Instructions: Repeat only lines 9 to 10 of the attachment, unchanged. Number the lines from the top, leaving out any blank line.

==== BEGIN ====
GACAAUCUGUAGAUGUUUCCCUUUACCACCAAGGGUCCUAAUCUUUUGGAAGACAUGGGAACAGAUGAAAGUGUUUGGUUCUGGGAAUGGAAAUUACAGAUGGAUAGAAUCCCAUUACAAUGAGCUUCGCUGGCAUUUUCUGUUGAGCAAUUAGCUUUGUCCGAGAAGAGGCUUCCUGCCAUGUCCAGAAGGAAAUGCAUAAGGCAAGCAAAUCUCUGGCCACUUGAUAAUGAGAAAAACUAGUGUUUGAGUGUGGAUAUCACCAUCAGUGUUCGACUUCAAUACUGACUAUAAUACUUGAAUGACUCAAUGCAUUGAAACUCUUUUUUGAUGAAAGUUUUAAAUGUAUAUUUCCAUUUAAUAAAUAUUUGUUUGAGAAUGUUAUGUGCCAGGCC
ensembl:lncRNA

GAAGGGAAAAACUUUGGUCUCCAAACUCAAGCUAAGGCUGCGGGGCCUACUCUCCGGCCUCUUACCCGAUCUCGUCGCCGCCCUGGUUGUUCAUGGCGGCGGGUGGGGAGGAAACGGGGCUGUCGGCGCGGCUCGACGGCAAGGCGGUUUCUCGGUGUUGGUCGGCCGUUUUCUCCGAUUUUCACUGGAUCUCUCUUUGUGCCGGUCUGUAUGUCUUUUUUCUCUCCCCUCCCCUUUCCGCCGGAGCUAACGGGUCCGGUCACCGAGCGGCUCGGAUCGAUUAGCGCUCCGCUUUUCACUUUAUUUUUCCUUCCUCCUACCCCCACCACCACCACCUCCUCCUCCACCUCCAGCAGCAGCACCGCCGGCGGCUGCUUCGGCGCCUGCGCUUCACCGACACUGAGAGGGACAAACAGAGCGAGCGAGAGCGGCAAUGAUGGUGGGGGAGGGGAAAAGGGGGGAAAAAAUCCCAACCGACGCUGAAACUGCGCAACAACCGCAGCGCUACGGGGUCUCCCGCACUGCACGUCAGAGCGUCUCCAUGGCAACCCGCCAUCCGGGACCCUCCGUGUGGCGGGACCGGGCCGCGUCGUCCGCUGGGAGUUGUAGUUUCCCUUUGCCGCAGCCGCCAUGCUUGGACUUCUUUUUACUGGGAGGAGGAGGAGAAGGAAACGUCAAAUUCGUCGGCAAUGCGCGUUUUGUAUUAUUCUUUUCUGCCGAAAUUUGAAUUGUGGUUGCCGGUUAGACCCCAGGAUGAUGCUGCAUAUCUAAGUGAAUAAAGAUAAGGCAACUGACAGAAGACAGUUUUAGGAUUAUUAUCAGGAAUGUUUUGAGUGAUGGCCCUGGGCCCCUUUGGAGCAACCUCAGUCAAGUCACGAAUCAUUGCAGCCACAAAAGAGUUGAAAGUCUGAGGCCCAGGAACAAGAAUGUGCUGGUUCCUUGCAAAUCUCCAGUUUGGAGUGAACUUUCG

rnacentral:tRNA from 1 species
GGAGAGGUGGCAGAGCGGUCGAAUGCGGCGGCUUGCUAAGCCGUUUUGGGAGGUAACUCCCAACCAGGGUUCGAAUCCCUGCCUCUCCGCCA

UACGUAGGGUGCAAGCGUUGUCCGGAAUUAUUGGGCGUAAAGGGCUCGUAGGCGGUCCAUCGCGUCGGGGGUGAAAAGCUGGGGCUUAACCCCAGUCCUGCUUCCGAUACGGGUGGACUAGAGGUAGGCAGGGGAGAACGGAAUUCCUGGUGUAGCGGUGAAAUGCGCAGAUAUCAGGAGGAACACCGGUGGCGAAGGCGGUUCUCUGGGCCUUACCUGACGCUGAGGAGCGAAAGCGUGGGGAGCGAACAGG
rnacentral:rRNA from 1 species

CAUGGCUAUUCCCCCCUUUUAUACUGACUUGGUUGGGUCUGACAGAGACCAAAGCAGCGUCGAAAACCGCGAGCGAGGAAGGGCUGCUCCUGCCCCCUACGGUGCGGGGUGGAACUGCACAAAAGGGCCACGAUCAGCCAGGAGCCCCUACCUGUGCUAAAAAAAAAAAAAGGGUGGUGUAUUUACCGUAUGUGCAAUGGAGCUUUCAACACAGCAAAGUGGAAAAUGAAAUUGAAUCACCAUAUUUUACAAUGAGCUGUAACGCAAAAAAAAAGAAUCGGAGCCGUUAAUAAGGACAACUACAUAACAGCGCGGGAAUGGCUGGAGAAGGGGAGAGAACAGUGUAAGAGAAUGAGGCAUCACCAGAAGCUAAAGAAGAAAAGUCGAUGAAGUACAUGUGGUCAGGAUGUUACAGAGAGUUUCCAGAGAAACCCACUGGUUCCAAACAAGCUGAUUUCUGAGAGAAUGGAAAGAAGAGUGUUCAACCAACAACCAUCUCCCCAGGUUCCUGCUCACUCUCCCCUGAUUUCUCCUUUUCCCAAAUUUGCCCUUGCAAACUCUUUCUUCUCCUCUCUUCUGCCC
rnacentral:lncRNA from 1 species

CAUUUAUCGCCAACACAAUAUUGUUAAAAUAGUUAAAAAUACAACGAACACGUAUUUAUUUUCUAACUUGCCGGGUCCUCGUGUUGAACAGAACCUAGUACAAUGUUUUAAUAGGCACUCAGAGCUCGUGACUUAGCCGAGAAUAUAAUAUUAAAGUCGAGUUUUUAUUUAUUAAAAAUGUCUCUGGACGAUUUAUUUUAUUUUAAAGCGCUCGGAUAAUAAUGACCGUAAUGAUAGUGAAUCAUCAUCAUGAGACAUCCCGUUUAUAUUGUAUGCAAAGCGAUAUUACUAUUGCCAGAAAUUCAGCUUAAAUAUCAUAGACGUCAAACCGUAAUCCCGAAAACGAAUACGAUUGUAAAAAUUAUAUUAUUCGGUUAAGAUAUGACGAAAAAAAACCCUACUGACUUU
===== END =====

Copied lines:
rnacentral:lncRNA from 1 species

CAUUUAUCGCCAACACAAUAUUGUUAAAAUAGUUAAAAAUACAACGAACACGUAUUUAUUUUCUAACUUGCCGGGUCCUCGUGUUGAACAGAACCUAGUACAAUGUUUUAAUAGGCACUCAGAGCUCGUGACUUAGCCGAGAAUAUAAUAUUAAAGUCGAGUUUUUAUUUAUUAAAAAUGUCUCUGGACGAUUUAUUUUAUUUUAAAGCGCUCGGAUAAUAAUGACCGUAAUGAUAGUGAAUCAUCAUCAUGAGACAUCCCGUUUAUAUUGUAUGCAAAGCGAUAUUACUAUUGCCAGAAAUUCAGCUUAAAUAUCAUAGACGUCAAACCGUAAUCCCGAAAACGAAUACGAUUGUAAAAAUUAUAUUAUUCGGUUAAGAUAUGACGAAAAAAAACCCUACUGACUUU